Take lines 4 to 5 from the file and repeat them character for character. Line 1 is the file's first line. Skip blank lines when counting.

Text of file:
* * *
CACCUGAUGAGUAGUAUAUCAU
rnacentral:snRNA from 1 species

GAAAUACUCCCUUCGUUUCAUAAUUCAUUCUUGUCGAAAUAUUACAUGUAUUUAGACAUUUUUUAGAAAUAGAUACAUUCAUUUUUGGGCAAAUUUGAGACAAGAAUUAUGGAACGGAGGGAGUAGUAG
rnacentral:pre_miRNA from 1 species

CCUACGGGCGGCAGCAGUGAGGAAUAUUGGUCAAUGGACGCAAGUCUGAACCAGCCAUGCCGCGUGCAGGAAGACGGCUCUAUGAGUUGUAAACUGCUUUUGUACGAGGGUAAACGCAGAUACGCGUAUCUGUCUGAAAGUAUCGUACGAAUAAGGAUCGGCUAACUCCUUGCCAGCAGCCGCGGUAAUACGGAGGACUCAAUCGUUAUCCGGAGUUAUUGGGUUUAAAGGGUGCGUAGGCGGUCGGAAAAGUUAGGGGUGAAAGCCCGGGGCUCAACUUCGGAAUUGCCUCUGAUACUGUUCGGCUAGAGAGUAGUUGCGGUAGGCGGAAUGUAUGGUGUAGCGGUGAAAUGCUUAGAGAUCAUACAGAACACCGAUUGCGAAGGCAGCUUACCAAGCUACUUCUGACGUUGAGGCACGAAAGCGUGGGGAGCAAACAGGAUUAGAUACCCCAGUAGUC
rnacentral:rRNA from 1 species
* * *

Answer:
rnacentral:pre_miRNA from 1 species

CCUACGGGCGGCAGCAGUGAGGAAUAUUGGUCAAUGGACGCAAGUCUGAACCAGCCAUGCCGCGUGCAGGAAGACGGCUCUAUGAGUUGUAAACUGCUUUUGUACGAGGGUAAACGCAGAUACGCGUAUCUGUCUGAAAGUAUCGUACGAAUAAGGAUCGGCUAACUCCUUGCCAGCAGCCGCGGUAAUACGGAGGACUCAAUCGUUAUCCGGAGUUAUUGGGUUUAAAGGGUGCGUAGGCGGUCGGAAAAGUUAGGGGUGAAAGCCCGGGGCUCAACUUCGGAAUUGCCUCUGAUACUGUUCGGCUAGAGAGUAGUUGCGGUAGGCGGAAUGUAUGGUGUAGCGGUGAAAUGCUUAGAGAUCAUACAGAACACCGAUUGCGAAGGCAGCUUACCAAGCUACUUCUGACGUUGAGGCACGAAAGCGUGGGGAGCAAACAGGAUUAGAUACCCCAGUAGUC